We love our mulch, don’t we? It can be the eye-pleasing beauty bark or a plain plastic tarp — it doesn’t matter much, because what we’re really after are its practical results: fewer weeds and warm, moist soil. And, show of hands, how many of us have given the odd piece of cardboard a try? It’s cheap, it’s biodegradable, and that brown color matches almost everything — it’s all good, right? Well, has Linda Chalker-Scott got news for you…
I’ve discussed my dislike of cardboard mulch before: like other sheet mulches it restricts water and gas transfer between the soil and atmosphere. In published comparison studies, other mulch choices generally outperform cardboard in terms of plant growth, weed control, etc. But there’s one area where cardboard is tops compared to every other mulch material tested.
Termites LOVE cardboard. Did you know that termite researchers use cardboard feeding stations to lure termites? And cardboard is often used as the “control” in feeding studies, because termites will always eat it?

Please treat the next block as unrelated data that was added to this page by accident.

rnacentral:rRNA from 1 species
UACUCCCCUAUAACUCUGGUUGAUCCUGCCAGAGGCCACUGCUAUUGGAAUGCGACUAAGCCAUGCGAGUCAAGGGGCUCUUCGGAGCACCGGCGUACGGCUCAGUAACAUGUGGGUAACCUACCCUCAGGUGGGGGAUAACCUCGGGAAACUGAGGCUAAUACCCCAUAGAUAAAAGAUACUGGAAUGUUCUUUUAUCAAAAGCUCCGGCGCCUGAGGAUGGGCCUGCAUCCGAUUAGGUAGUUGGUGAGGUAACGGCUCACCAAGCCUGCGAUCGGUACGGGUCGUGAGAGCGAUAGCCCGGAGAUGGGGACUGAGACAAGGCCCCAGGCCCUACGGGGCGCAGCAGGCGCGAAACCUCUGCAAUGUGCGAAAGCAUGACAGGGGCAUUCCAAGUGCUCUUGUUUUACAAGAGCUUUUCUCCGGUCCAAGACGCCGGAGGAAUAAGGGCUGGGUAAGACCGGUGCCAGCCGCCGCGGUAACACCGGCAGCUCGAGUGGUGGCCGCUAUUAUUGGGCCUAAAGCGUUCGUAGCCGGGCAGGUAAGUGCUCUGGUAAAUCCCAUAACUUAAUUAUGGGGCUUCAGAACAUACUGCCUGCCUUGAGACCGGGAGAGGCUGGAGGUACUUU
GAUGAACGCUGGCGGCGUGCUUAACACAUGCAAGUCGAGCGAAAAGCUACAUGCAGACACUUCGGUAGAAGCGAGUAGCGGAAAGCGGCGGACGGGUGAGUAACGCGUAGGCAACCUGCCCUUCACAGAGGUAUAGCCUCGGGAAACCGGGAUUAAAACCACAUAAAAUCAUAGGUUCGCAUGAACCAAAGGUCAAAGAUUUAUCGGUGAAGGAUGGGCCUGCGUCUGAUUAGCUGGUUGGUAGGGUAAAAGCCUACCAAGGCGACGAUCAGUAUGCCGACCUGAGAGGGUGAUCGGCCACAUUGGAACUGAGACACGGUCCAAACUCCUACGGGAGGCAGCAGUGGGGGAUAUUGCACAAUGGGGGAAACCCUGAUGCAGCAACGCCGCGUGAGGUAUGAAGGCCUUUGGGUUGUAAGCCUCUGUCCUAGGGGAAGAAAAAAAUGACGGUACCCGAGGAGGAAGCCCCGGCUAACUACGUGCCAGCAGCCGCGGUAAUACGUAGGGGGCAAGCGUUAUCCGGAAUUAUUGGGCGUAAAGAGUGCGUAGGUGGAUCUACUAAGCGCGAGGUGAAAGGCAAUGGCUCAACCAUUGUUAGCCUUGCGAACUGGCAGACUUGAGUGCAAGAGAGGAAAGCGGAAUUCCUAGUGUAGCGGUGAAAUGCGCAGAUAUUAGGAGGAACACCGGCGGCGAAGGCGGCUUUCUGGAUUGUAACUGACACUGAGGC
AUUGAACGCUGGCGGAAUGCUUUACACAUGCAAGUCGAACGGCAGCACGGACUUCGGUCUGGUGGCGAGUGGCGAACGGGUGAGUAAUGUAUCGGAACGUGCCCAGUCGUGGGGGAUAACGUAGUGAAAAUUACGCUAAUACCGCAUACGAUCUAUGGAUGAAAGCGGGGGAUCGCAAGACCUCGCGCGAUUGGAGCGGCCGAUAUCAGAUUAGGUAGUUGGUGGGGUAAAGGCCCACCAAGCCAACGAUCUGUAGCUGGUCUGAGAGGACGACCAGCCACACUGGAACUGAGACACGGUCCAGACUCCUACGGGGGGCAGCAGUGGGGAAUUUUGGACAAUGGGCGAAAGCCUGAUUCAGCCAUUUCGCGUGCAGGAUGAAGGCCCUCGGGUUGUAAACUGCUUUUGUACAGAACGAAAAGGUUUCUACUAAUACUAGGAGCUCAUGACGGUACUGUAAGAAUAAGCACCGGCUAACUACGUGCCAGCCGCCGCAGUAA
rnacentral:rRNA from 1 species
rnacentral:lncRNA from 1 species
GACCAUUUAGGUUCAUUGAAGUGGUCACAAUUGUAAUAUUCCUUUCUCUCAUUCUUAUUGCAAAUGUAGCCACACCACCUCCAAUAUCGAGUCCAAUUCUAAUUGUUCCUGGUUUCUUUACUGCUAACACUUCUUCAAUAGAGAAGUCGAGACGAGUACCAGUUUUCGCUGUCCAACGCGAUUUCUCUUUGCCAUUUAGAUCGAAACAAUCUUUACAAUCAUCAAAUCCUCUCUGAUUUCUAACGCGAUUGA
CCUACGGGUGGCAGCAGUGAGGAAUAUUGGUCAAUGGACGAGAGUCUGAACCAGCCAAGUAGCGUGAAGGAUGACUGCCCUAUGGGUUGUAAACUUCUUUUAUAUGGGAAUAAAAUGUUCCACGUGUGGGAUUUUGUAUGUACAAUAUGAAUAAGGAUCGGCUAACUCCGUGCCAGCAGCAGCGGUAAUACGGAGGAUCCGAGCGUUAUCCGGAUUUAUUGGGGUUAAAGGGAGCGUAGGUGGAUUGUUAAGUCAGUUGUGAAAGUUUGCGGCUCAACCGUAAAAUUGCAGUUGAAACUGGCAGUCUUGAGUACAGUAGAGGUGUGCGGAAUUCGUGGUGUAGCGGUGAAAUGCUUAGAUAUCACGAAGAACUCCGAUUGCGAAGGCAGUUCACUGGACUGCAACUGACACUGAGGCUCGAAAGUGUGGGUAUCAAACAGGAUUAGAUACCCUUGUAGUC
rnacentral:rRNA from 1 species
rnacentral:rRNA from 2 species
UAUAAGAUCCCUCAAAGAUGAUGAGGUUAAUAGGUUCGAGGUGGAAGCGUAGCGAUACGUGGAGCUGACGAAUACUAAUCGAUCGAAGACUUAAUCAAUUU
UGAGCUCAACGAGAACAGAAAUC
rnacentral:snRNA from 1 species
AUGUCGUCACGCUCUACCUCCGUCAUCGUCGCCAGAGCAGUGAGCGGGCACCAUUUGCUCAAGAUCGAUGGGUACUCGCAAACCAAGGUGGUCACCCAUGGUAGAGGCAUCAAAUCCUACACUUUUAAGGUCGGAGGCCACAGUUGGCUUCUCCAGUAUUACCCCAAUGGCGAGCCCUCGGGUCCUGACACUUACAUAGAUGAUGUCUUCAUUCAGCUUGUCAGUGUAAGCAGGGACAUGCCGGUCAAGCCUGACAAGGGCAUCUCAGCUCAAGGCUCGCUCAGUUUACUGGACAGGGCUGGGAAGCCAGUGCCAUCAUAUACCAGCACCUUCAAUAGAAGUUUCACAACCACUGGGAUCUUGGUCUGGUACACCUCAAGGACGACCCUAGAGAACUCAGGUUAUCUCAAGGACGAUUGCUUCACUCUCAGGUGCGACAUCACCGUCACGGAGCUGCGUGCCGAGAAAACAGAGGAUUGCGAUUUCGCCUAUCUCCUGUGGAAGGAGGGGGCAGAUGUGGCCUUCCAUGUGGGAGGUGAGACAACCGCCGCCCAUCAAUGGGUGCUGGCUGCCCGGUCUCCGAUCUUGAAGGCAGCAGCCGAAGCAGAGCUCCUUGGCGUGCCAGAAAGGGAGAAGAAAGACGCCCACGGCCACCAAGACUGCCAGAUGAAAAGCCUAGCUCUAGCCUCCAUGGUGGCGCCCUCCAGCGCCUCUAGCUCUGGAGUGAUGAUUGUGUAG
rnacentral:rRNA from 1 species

People seem to think that wood chips are termite magnets. Though termites can eat some types of wood, they prefer cardboard in taste testing. If they are given no choice and have only wood to eat, they will consume it but their survival rate decreases. Dead termites don’t reproduce.
To give termites a bit of a break, they are very useful in bringing life back to crusted, arid soils: studies have shown that just adding mulch and termites to these degraded soils is enough get biological processes going again.
But personally, I’m not providing a cardboard welcome mat for termites to the gardens surrounding my wooden house. Hopefully you won’t either.
Dr. Chalker-Scott is WSU Extension Urban Horticulturist and an Associate Professor in the Department of Horticulture and Landscape Architecture. She is a regular contributor to The Garden Professors blog.